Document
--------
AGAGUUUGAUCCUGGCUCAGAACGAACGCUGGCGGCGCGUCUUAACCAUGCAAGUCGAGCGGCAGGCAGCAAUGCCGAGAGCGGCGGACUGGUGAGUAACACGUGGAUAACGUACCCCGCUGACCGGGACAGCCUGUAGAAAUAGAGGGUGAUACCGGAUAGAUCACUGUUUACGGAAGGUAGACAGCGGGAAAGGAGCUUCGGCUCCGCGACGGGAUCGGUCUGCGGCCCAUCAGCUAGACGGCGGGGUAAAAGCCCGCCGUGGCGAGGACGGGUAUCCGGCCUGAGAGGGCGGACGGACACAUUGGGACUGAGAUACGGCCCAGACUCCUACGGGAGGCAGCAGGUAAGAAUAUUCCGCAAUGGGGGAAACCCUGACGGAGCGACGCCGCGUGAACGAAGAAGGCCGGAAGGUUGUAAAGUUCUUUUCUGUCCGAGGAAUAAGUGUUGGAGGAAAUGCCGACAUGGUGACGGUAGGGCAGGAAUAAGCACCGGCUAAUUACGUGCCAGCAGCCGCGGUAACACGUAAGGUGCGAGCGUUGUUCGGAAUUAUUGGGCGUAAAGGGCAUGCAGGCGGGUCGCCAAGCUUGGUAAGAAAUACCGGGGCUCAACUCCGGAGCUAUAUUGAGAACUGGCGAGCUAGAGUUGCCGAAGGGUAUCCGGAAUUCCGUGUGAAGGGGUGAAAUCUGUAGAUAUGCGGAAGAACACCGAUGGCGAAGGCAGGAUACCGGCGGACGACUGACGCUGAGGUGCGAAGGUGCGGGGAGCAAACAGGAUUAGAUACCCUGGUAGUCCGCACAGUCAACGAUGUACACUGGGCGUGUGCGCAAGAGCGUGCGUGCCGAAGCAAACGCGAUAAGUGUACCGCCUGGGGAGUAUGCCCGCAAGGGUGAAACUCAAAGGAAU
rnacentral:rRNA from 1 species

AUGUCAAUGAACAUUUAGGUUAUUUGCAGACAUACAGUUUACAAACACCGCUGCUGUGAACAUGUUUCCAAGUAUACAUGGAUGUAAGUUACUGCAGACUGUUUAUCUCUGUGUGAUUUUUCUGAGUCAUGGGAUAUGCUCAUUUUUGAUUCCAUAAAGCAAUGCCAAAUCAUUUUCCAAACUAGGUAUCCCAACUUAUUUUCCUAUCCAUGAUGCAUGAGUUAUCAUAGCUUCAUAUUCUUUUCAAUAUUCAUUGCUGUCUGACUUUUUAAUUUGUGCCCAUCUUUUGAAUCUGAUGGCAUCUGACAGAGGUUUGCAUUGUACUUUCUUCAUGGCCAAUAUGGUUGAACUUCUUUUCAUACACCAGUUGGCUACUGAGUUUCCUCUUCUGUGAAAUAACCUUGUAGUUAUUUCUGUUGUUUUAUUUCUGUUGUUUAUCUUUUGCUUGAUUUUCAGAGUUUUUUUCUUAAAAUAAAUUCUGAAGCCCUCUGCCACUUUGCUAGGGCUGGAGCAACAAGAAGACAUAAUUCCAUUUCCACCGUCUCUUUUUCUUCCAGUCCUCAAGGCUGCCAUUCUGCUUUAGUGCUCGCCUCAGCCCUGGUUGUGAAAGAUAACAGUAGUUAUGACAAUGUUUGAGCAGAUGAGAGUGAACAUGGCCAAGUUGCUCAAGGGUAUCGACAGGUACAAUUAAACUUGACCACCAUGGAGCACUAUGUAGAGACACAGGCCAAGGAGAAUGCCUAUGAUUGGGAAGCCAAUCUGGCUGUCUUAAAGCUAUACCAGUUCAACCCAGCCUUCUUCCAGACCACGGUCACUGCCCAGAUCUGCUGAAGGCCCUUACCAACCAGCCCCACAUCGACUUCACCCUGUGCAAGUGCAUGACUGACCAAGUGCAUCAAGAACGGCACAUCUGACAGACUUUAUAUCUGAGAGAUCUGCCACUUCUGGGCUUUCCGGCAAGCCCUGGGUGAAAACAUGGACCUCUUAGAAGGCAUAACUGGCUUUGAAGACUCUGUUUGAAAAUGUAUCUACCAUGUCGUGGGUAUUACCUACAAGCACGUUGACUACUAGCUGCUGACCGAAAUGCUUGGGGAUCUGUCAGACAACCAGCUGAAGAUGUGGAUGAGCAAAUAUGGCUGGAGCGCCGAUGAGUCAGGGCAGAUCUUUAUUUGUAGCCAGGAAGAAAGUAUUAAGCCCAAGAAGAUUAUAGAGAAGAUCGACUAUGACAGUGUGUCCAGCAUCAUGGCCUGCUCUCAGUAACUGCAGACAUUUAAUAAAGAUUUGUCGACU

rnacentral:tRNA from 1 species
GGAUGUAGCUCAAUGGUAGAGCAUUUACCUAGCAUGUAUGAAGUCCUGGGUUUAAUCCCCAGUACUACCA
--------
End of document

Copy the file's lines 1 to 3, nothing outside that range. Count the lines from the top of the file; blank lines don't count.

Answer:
AGAGUUUGAUCCUGGCUCAGAACGAACGCUGGCGGCGCGUCUUAACCAUGCAAGUCGAGCGGCAGGCAGCAAUGCCGAGAGCGGCGGACUGGUGAGUAACACGUGGAUAACGUACCCCGCUGACCGGGACAGCCUGUAGAAAUAGAGGGUGAUACCGGAUAGAUCACUGUUUACGGAAGGUAGACAGCGGGAAAGGAGCUUCGGCUCCGCGACGGGAUCGGUCUGCGGCCCAUCAGCUAGACGGCGGGGUAAAAGCCCGCCGUGGCGAGGACGGGUAUCCGGCCUGAGAGGGCGGACGGACACAUUGGGACUGAGAUACGGCCCAGACUCCUACGGGAGGCAGCAGGUAAGAAUAUUCCGCAAUGGGGGAAACCCUGACGGAGCGACGCCGCGUGAACGAAGAAGGCCGGAAGGUUGUAAAGUUCUUUUCUGUCCGAGGAAUAAGUGUUGGAGGAAAUGCCGACAUGGUGACGGUAGGGCAGGAAUAAGCACCGGCUAAUUACGUGCCAGCAGCCGCGGUAACACGUAAGGUGCGAGCGUUGUUCGGAAUUAUUGGGCGUAAAGGGCAUGCAGGCGGGUCGCCAAGCUUGGUAAGAAAUACCGGGGCUCAACUCCGGAGCUAUAUUGAGAACUGGCGAGCUAGAGUUGCCGAAGGGUAUCCGGAAUUCCGUGUGAAGGGGUGAAAUCUGUAGAUAUGCGGAAGAACACCGAUGGCGAAGGCAGGAUACCGGCGGACGACUGACGCUGAGGUGCGAAGGUGCGGGGAGCAAACAGGAUUAGAUACCCUGGUAGUCCGCACAGUCAACGAUGUACACUGGGCGUGUGCGCAAGAGCGUGCGUGCCGAAGCAAACGCGAUAAGUGUACCGCCUGGGGAGUAUGCCCGCAAGGGUGAAACUCAAAGGAAU
rnacentral:rRNA from 1 species

AUGUCAAUGAACAUUUAGGUUAUUUGCAGACAUACAGUUUACAAACACCGCUGCUGUGAACAUGUUUCCAAGUAUACAUGGAUGUAAGUUACUGCAGACUGUUUAUCUCUGUGUGAUUUUUCUGAGUCAUGGGAUAUGCUCAUUUUUGAUUCCAUAAAGCAAUGCCAAAUCAUUUUCCAAACUAGGUAUCCCAACUUAUUUUCCUAUCCAUGAUGCAUGAGUUAUCAUAGCUUCAUAUUCUUUUCAAUAUUCAUUGCUGUCUGACUUUUUAAUUUGUGCCCAUCUUUUGAAUCUGAUGGCAUCUGACAGAGGUUUGCAUUGUACUUUCUUCAUGGCCAAUAUGGUUGAACUUCUUUUCAUACACCAGUUGGCUACUGAGUUUCCUCUUCUGUGAAAUAACCUUGUAGUUAUUUCUGUUGUUUUAUUUCUGUUGUUUAUCUUUUGCUUGAUUUUCAGAGUUUUUUUCUUAAAAUAAAUUCUGAAGCCCUCUGCCACUUUGCUAGGGCUGGAGCAACAAGAAGACAUAAUUCCAUUUCCACCGUCUCUUUUUCUUCCAGUCCUCAAGGCUGCCAUUCUGCUUUAGUGCUCGCCUCAGCCCUGGUUGUGAAAGAUAACAGUAGUUAUGACAAUGUUUGAGCAGAUGAGAGUGAACAUGGCCAAGUUGCUCAAGGGUAUCGACAGGUACAAUUAAACUUGACCACCAUGGAGCACUAUGUAGAGACACAGGCCAAGGAGAAUGCCUAUGAUUGGGAAGCCAAUCUGGCUGUCUUAAAGCUAUACCAGUUCAACCCAGCCUUCUUCCAGACCACGGUCACUGCCCAGAUCUGCUGAAGGCCCUUACCAACCAGCCCCACAUCGACUUCACCCUGUGCAAGUGCAUGACUGACCAAGUGCAUCAAGAACGGCACAUCUGACAGACUUUAUAUCUGAGAGAUCUGCCACUUCUGGGCUUUCCGGCAAGCCCUGGGUGAAAACAUGGACCUCUUAGAAGGCAUAACUGGCUUUGAAGACUCUGUUUGAAAAUGUAUCUACCAUGUCGUGGGUAUUACCUACAAGCACGUUGACUACUAGCUGCUGACCGAAAUGCUUGGGGAUCUGUCAGACAACCAGCUGAAGAUGUGGAUGAGCAAAUAUGGCUGGAGCGCCGAUGAGUCAGGGCAGAUCUUUAUUUGUAGCCAGGAAGAAAGUAUUAAGCCCAAGAAGAUUAUAGAGAAGAUCGACUAUGACAGUGUGUCCAGCAUCAUGGCCUGCUCUCAGUAACUGCAGACAUUUAAUAAAGAUUUGUCGACU